IDEAS home Printed from
   My bibliography  Save this paper

Trade and Agglomeration: the Strategic use of Protection Revisited




The purpose of this paper is to examine whether the strategic motive for protection present in trade and agglomeration models, in the so-called new economic geography framework, is sensitive to the standard assumption that there is a sole agglomeration industry. We first investigate unilateral trade policy effects on the international production and trade pattern and the resulting national welfare levels in a new economic geography model including several agglomeration industries. The strategic use of trade policy is then examined by identifying optimal policy positions as well as equilibrium policy strategies in a Nash policy game between the trade partners. Our results show that the strategic use of protection and the resulting "tariff war" outcome prevalent in standard trade and agglomeration models is sensitive to the inclusion of several agglomeration industries. Specifically, trade liberalising policies are optimal and free trade equilibria result from the Nash game unless there is a too wide industry gap in agglomeration economies. Our results show that the case for free trade can be directly attributed to either a relatively strong direct policy impact on national real income (working through raised import prices and reduced import volumes) or similar agglomeration economies in the two industries. The results of this paper jointly suggest that the stark argument for the strategic use of protection present in standard new economic geography models can be attributed to overemphasised gains from agglomeration and/or the lack of industries with similar agglomeration economies.

Suggested Citation

  • Thede, Susanna, 2007. "Trade and Agglomeration: the Strategic use of Protection Revisited," Working Papers 2007:7, Lund University, Department of Economics.
  • Handle: RePEc:hhs:lunewp:2007_007

    Download full text from publisher

    File URL:
    Download Restriction: no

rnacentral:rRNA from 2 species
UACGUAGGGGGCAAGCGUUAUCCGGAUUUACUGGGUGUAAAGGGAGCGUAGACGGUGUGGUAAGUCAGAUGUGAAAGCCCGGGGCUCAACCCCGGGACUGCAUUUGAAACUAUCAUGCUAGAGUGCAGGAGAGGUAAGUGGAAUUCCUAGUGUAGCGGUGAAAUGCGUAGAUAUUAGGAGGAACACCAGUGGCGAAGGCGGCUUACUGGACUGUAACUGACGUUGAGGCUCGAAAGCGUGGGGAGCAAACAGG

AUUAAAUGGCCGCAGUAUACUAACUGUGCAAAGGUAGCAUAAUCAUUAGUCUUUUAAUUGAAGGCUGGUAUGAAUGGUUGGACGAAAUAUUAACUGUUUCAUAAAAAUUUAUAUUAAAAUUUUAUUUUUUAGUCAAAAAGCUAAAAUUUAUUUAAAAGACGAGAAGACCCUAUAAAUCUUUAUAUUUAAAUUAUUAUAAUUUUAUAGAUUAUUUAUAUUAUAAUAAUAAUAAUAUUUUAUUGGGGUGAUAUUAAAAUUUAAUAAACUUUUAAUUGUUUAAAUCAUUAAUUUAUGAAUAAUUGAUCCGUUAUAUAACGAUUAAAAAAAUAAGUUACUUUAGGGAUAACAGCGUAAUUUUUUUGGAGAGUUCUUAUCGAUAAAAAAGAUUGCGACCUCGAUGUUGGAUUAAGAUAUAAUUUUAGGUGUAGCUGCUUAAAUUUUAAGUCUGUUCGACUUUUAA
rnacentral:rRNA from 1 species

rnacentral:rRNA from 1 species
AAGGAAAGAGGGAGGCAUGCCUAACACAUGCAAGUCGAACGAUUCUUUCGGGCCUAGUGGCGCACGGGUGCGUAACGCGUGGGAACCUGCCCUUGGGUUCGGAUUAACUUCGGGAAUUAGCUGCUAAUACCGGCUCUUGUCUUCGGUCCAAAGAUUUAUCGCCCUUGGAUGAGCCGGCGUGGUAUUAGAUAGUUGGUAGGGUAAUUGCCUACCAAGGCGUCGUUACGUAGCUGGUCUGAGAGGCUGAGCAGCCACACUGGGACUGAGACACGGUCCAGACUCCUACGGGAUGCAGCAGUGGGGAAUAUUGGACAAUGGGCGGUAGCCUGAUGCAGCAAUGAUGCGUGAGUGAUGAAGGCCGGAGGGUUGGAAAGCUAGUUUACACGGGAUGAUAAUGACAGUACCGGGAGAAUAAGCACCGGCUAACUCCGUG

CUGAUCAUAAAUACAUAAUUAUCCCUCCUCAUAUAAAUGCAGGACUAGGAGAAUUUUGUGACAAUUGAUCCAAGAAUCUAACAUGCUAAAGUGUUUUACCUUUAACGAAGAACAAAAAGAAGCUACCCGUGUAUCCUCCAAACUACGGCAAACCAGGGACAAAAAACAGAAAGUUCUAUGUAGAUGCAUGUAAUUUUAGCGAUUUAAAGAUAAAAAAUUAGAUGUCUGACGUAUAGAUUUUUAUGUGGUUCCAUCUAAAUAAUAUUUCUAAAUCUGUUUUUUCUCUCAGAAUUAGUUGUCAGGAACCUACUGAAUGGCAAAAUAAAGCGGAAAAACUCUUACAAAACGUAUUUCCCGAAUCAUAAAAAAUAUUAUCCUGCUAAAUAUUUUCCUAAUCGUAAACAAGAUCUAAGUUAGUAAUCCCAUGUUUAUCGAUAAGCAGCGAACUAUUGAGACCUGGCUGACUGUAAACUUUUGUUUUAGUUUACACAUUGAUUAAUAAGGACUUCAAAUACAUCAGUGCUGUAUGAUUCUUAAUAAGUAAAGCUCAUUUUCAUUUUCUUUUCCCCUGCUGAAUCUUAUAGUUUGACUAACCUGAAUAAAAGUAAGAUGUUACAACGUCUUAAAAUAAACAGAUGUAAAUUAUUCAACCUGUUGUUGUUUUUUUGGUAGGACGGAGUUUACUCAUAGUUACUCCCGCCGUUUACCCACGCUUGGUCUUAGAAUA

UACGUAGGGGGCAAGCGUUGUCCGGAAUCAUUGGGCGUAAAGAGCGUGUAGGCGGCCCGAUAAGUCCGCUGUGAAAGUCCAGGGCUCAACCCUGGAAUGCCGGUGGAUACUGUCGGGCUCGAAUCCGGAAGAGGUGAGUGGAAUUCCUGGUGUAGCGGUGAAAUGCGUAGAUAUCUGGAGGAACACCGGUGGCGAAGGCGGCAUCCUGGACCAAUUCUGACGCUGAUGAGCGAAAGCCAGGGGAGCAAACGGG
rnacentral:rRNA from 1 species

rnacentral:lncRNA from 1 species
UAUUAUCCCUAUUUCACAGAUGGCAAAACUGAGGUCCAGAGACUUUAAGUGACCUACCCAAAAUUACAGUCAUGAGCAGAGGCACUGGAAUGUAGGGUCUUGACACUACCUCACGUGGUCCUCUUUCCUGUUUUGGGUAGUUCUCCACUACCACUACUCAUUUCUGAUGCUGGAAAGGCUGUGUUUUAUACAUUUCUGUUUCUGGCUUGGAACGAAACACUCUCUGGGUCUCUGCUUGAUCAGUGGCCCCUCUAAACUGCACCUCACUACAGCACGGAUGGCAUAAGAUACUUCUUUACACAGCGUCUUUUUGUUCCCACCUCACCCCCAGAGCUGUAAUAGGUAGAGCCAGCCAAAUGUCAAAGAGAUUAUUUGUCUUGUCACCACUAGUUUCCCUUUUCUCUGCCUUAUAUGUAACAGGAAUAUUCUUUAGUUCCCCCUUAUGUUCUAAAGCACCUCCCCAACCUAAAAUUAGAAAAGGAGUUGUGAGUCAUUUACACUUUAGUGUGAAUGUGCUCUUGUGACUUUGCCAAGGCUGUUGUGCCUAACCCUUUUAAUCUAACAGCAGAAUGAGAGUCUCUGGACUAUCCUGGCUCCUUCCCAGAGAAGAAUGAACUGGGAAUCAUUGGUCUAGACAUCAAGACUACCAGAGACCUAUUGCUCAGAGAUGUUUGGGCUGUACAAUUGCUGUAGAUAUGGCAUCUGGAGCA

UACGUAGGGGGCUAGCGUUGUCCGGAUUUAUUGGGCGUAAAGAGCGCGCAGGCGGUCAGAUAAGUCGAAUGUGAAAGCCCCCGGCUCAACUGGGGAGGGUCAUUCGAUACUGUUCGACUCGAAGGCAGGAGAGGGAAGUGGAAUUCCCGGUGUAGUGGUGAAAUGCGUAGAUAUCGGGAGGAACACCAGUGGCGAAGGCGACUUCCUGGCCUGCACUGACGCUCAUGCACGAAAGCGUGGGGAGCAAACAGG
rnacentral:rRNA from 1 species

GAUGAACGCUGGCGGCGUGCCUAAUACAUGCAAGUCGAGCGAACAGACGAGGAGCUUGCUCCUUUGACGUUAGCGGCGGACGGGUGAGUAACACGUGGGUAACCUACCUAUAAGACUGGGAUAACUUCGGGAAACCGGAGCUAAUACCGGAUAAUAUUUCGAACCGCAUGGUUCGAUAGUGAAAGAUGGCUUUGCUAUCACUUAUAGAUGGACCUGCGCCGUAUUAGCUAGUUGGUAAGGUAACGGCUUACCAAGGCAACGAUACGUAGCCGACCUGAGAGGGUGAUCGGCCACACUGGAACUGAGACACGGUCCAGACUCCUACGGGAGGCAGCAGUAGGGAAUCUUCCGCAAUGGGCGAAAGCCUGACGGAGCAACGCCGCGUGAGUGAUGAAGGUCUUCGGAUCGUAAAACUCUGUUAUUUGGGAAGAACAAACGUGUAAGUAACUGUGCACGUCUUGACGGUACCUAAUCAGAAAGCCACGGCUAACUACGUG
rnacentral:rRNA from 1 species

References listed on IDEAS

    1. Neary, J Peter & Leahy, Dermot, 2000. "Strategic Trade and Industrial Policy towards Dynamic Oligopolies," Economic Journal, Royal Economic Society, vol. 110(463), pages 484-508, April.
    2. James E. Anderson & Eric van Wincoop, 2004. "Trade Costs," Journal of Economic Literature, American Economic Association, vol. 42(3), pages 691-751, September.
    3. Masahisa Fujita & Paul Krugman & Anthony J. Venables, 2001. "The Spatial Economy: Cities, Regions, and International Trade," MIT Press Books, The MIT Press, edition 1, volume 1, number 0262561476, January.
    4. Dixit, Avinash K & Stiglitz, Joseph E, 1977. "Monopolistic Competition and Optimum Product Diversity," American Economic Review, American Economic Association, vol. 67(3), pages 297-308, June.
    5. J.Peter Neary, 2001. "Of Hype and Hyperbolas: Introducing the New Economic Geography," Journal of Economic Literature, American Economic Association, vol. 39(2), pages 536-561, June.
    6. Puga, Diego & Venables, Anthony J, 1999. "Agglomeration and Economic Development: Import Substitution vs. Trade Liberalisation," Economic Journal, Royal Economic Society, vol. 109(455), pages 292-311, April.
    7. Krugman, Paul & Venables, Anthony J., 1996. "Integration, specialization, and adjustment," European Economic Review, Elsevier, vol. 40(3-5), pages 959-967, April.
    8. Robert W. Staiger & Kyle Bagwell, 1999. "An Economic Theory of GATT," American Economic Review, American Economic Association, vol. 89(1), pages 215-248, March.
    9. Venables, Anthony J, 1996. "Equilibrium Locations of Vertically Linked Industries," International Economic Review, Department of Economics, University of Pennsylvania and Osaka University Institute of Social and Economic Research Association, vol. 37(2), pages 341-359, May.